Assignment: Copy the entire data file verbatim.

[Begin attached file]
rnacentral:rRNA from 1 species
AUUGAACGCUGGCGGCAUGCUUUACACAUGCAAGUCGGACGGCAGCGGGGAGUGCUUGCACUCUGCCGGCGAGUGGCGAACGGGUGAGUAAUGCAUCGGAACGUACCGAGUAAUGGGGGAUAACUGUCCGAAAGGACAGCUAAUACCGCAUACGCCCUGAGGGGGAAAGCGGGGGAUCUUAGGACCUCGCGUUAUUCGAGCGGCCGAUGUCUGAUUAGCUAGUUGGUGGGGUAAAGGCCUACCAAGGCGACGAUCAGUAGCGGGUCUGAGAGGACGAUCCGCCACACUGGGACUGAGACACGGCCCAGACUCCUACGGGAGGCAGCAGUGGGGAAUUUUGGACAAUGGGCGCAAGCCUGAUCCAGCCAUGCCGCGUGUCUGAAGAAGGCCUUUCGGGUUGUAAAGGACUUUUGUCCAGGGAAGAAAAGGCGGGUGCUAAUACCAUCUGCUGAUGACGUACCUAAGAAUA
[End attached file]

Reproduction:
rnacentral:rRNA from 1 species
AUUGAACGCUGGCGGCAUGCUUUACACAUGCAAGUCGGACGGCAGCGGGGAGUGCUUGCACUCUGCCGGCGAGUGGCGAACGGGUGAGUAAUGCAUCGGAACGUACCGAGUAAUGGGGGAUAACUGUCCGAAAGGACAGCUAAUACCGCAUACGCCCUGAGGGGGAAAGCGGGGGAUCUUAGGACCUCGCGUUAUUCGAGCGGCCGAUGUCUGAUUAGCUAGUUGGUGGGGUAAAGGCCUACCAAGGCGACGAUCAGUAGCGGGUCUGAGAGGACGAUCCGCCACACUGGGACUGAGACACGGCCCAGACUCCUACGGGAGGCAGCAGUGGGGAAUUUUGGACAAUGGGCGCAAGCCUGAUCCAGCCAUGCCGCGUGUCUGAAGAAGGCCUUUCGGGUUGUAAAGGACUUUUGUCCAGGGAAGAAAAGGCGGGUGCUAAUACCAUCUGCUGAUGACGUACCUAAGAAUA